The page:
Wednesday, November 17, 2021

Gallery Watch: 'If Death Ever Learn' at Someday Gallery

Text by Clare Gemima (photos courtesy of Someday Gallery)

'If Death Ever Learn' by Brittni Ann Harvey
Someday Gallery, 120 Walker St.

"If Death Ever Learn," produced by Brittni Ann Harvey, is the first exhibition to show in Someday, an engaging new space joining the Walker Street gallery gang. Excitement can be felt merely in the space's infancy, let alone how much Harvey's work sets such a bold precedent for every show to come. 

Harvey's show immediately suggests the artist is well-versed and extremely literate in her research. Creating objects that curve, hang and twine, Harvey sets up a debate between man-made and digital intervention on a very symbolic scale. 

Harvey leads us through an array of problem-solving artifacts that relate to the contractual marriage between artificial intelligence and industry. Her dogs are adorned with architectural soft sculpture, preluding an identifiable canine cuteness that contrasts with the terrifying idea that manufactured four-legged robots could be weaponized.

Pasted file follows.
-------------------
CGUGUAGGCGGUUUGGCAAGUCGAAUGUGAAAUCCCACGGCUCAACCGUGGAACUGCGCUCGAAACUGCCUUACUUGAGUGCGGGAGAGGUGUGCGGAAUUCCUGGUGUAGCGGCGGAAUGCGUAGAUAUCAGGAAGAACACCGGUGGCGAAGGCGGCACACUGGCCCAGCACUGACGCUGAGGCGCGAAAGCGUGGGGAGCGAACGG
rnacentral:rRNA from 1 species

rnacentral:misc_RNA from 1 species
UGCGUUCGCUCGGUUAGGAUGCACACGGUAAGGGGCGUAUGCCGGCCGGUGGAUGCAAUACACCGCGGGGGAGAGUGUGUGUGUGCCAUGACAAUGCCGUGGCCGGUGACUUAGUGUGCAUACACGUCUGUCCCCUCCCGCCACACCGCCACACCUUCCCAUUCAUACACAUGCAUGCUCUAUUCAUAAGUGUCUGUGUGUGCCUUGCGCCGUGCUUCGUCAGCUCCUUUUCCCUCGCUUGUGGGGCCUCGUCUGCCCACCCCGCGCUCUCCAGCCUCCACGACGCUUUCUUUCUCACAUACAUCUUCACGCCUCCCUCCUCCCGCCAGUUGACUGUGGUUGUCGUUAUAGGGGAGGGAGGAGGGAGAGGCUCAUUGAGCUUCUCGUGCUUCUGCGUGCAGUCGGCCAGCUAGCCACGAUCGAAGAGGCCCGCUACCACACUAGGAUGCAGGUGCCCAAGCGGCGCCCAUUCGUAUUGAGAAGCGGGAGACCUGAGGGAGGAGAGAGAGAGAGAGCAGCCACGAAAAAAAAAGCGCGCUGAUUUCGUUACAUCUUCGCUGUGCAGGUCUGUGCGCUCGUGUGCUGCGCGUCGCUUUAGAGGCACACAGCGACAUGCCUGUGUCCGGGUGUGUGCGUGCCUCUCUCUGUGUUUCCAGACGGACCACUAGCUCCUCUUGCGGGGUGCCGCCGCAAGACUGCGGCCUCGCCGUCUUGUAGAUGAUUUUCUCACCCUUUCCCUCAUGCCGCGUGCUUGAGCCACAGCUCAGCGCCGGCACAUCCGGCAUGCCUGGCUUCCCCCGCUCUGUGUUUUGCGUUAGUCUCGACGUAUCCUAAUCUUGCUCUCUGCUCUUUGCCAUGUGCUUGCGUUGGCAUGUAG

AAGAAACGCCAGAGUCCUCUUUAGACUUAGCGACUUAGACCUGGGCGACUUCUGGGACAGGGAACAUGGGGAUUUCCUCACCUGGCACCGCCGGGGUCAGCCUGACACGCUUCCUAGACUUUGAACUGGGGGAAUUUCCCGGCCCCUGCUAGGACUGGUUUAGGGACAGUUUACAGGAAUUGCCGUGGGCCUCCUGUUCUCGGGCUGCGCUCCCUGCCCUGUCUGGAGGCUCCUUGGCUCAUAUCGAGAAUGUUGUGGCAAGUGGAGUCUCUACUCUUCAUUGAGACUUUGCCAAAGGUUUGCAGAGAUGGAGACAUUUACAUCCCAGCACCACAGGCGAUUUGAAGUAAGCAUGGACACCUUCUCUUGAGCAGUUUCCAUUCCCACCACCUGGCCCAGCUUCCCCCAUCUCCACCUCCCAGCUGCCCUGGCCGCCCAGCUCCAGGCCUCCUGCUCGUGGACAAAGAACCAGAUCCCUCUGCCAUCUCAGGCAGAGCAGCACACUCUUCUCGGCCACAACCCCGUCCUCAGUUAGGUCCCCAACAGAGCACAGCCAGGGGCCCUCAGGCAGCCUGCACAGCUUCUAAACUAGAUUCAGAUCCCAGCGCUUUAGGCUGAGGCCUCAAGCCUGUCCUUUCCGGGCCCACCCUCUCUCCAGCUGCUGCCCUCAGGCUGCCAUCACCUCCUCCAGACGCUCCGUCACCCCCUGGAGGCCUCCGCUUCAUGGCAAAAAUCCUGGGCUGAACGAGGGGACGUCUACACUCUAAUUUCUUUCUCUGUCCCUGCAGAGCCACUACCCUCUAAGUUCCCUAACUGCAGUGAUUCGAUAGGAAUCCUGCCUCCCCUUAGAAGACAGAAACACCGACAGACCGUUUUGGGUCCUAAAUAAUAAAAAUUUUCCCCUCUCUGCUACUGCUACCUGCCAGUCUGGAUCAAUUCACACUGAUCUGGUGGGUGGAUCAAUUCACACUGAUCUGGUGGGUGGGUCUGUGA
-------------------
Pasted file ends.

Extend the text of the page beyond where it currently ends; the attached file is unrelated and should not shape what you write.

Through military-driven initiatives that Harvey extrapolates in "If Death Ever Learn," the audience is exposed to the slippage between the industrial revolution's residual downpour and technology's constant responsibility to be used for the greater good. 

Through her paintings, tapestries, braided bronze, and dog-like sculptures, Harvey toys with mass engineering and the advancement in bio-tech through an effeminate showcasing of corporal colors, sculptures and decor. 

I asked Someday Gallery Director Rosie Motley for her thoughts: 
The show brings together new oil on burlap paintings, embroidered collages, and three free-standing bronze sculptures that are loosely based on robotic dogs, the most familiar of which are produced by the Massachussettes based company Boston Dynamics.

In all of the works, Brittni combines both analog and digital processes — first sketching by hand and then scanning her drawings and manipulating them in a computer program to produce digital embroideries and jacquard-woven fabrics. 
While Brittni Ann Harvey's show ends Saturday at Someday Gallery, keep an eye on this new space for more exhibits in the future. For more information, visit the gallery's website here. Someday is open Thursday-Saturday from 11 a.m. to 6 p.m.
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Clare Gemima is a visual artist from New Zealand. New-ish to the East Village, she spends her time as an artist assistant and gallery go-er, hungry to explore what's happening in her local art world. You can find her work here: 

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